If you’ve always wanted to do some good to the world by giving part of your resources to charitable causes and keeping enough to take care of yourself and loved ones in New York, you may want to consider a charitable remainder trust. This trust lets you kill three birds with one stone by allowing you to indulge your philanthropic causes and provide for your people while enjoying some tax benefits during and after your lifetime.
Understanding how charitable remainder trust works
A charitable remainder trust is an irrevocable trust in which a person or entity transfers assets to a trust for the benefit of charity and themselves. The donor will receive income from the trust, either as regular payments or a lump sum payment at the end of their lifetime. At the end of the term, when all designated beneficiaries have passed away, whatever remains in the trust goes to charitable causes.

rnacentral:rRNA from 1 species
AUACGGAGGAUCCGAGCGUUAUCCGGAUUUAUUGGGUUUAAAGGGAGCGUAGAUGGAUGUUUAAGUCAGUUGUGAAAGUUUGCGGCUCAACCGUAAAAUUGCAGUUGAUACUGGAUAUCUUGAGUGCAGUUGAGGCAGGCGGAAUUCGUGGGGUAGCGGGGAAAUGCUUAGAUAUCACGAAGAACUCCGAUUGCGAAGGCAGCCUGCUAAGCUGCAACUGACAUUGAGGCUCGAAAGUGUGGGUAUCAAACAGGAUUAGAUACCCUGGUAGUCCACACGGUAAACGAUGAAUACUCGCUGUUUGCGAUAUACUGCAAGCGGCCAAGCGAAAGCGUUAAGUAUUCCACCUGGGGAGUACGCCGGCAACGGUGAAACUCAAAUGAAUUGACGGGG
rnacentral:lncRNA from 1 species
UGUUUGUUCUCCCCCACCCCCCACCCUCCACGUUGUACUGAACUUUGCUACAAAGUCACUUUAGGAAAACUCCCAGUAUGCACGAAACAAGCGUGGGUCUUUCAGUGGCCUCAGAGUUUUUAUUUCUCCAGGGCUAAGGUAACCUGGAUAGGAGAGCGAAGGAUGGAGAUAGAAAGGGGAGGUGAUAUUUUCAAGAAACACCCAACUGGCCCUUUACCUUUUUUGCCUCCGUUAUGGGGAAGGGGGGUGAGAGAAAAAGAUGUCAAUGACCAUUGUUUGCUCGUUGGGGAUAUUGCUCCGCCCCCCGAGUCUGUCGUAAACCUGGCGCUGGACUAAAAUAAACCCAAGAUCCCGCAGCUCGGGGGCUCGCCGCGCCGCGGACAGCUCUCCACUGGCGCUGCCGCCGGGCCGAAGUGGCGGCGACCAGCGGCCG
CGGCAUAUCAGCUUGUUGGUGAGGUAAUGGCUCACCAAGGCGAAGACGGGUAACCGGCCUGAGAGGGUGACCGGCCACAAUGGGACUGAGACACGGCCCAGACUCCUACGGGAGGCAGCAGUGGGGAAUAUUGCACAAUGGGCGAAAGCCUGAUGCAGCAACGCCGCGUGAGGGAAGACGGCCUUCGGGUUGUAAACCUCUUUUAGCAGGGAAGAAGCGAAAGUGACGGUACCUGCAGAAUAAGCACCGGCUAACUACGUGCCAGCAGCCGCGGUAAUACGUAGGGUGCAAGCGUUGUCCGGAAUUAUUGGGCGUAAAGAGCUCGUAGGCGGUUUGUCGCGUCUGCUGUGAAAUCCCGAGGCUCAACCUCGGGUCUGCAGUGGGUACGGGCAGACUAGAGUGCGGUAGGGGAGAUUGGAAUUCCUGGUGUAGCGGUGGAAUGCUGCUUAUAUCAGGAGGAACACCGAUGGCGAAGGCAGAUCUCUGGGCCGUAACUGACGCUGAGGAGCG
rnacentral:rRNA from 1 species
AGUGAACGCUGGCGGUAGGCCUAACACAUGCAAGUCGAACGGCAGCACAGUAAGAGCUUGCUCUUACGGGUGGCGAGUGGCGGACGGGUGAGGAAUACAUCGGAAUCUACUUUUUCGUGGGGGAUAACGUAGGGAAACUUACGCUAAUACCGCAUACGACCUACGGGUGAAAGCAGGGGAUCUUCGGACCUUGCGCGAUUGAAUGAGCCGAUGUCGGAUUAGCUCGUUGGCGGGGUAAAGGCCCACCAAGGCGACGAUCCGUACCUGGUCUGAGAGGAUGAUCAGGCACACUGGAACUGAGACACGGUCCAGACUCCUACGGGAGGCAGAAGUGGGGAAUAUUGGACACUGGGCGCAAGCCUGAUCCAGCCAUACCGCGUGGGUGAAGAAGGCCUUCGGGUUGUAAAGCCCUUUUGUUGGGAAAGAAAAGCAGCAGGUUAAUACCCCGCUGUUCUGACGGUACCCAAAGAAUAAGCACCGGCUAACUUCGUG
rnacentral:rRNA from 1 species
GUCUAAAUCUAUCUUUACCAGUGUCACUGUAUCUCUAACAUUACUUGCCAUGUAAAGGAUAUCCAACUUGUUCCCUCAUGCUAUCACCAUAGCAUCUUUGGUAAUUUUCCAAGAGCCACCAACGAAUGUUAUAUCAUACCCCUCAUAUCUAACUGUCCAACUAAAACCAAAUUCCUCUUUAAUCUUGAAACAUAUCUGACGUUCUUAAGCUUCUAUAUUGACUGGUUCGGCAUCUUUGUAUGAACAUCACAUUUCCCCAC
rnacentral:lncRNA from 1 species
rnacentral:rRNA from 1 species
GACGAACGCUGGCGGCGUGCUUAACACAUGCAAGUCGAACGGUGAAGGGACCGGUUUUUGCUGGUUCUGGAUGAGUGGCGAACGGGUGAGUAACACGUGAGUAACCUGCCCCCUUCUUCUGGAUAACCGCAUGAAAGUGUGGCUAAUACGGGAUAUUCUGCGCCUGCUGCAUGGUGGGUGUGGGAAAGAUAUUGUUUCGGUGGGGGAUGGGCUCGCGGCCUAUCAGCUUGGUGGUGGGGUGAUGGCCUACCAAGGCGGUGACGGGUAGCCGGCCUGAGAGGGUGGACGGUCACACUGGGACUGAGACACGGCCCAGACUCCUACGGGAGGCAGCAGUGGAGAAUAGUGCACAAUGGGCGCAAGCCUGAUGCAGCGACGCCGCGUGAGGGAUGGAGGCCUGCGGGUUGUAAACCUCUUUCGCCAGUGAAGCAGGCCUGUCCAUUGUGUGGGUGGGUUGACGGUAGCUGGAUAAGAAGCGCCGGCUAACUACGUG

Reasons why New Yorkers prefer CRTs
Charitable giving and tax planning can provide numerous benefits to both donors and their beneficiaries; for example, the IRS allows taxpayers to take an income tax deduction for the present value of the remainder interest in their CRT, often resulting in a larger deduction than for cash donations. In addition, donors may be eligible for estate tax and gift tax deductions, depending on how they structure their trust. Other advantages of establishing a charitable remainder trust include avoiding capital gains taxes when transferring assets to the trust, protecting assets from creditors, providing long-term income to beneficiaries; and potentially increasing the size of inheritance left to heirs.
Remember that a charitable remainder trust is an irrevocable transfer of assets, meaning you cannot change or revoke it once you’ve created it. Additionally, donors must designate a trustee and beneficiaries, typically their spouse or children, who will receive income payments during the life of the trust.